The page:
In Massachusetts, dog bites fall under strict liability laws. That means that you do not have to legally prove any negligent behavior on the dog owner’s part that led up to the bite. Even without proving negligence, the dog owner is still liable for the bite.
It is important to understand how contributory negligence may affect the case, though.
What is contributory negligence?
If your negligence played a part in the bite, the court considers that contributory negligence. Depending on the severity of the negligence, the court may reduce your award by a certain percentage to account for your role.
What constitutes contributory negligence?
With a dog bite, contributory negligence typically refers to approaching a dog that is clearly dangerous. If there were signs posted to warn of an aggressive dog and you approached the dog anyway, that may be negligent behavior.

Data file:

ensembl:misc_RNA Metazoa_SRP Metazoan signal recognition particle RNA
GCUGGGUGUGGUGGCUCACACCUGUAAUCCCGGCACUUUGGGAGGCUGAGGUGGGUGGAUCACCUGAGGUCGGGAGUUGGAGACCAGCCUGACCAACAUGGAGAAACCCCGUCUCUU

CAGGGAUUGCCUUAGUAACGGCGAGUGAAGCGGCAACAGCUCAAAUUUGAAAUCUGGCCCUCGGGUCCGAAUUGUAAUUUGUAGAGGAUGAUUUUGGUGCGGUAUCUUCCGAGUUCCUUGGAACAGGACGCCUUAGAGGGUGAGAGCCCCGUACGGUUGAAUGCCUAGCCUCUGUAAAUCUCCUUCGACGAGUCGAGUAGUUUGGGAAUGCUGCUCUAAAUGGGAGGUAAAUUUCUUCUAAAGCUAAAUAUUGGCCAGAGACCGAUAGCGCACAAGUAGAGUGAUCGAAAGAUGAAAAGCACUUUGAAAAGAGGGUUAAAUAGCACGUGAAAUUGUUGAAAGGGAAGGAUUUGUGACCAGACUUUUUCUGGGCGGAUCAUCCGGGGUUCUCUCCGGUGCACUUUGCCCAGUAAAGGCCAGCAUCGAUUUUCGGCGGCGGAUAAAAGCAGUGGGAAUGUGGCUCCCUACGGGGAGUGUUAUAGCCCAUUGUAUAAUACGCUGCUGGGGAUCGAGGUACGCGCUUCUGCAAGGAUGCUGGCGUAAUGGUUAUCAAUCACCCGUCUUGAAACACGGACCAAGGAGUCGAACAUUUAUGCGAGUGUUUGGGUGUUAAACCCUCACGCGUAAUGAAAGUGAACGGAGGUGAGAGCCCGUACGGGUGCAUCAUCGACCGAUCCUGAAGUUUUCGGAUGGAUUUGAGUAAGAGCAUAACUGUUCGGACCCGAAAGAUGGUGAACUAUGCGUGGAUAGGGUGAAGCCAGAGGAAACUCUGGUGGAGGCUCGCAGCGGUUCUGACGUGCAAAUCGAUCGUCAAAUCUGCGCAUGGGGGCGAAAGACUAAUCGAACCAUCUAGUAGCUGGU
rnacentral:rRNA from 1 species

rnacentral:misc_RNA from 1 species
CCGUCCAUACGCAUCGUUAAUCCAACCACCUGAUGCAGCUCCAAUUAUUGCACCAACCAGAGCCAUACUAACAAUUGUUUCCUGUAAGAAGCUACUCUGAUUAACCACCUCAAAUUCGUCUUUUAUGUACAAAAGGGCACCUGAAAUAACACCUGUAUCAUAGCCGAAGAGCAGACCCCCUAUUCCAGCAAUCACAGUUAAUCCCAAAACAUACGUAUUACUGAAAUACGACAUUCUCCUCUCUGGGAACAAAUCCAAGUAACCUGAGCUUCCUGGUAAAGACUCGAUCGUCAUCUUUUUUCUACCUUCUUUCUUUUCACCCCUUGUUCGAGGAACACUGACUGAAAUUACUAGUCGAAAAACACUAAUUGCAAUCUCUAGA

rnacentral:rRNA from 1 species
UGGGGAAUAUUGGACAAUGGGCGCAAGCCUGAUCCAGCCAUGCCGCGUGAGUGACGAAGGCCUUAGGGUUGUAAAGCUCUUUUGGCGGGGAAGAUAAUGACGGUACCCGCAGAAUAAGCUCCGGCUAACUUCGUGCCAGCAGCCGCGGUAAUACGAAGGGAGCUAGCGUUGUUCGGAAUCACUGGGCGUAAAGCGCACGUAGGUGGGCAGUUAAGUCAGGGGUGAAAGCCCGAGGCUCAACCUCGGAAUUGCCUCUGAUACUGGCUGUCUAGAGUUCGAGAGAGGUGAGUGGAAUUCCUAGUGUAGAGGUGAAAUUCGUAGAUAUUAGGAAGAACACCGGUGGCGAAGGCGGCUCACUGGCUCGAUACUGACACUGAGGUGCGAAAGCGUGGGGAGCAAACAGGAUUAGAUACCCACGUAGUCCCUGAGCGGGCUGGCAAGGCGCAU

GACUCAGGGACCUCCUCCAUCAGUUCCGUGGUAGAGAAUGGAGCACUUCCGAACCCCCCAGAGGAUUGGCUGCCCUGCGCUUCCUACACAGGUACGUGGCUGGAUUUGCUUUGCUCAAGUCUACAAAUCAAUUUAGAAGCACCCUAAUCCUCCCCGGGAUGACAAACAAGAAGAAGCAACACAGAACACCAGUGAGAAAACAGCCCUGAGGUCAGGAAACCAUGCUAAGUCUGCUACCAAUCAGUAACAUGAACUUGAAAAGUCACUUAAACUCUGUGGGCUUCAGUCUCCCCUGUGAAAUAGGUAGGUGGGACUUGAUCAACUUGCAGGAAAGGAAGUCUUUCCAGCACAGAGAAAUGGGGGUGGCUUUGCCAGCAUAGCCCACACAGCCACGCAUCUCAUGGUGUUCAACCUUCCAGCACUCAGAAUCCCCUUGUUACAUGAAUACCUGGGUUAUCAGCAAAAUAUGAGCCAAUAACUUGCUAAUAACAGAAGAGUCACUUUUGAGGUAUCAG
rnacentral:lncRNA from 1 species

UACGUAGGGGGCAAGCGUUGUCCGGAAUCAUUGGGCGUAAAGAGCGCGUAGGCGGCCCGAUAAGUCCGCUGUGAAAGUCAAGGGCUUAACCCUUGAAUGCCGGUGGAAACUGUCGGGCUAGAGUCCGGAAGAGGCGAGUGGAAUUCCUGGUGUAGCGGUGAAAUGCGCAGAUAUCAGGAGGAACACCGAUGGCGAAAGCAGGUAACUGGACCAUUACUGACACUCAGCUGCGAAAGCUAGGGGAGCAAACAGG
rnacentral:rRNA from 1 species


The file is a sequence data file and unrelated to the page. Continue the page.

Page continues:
Trespassing on someone’s property without authorization is also negligent, as is taunting or teasing the dog in question. If the dog’s owner told you to stay away or back away and you ignored that instruction, that is also negligent behavior on your part.
Ignoring clear signs of an imminent threat could result in a reduction of your injury award following a dog bite. It is important to build a sound case against any potential contributory negligence to ensure that you get the best possible award in your case. The more you understand contributory negligence as well as your legal rights, the easier it is to fight for your compensation.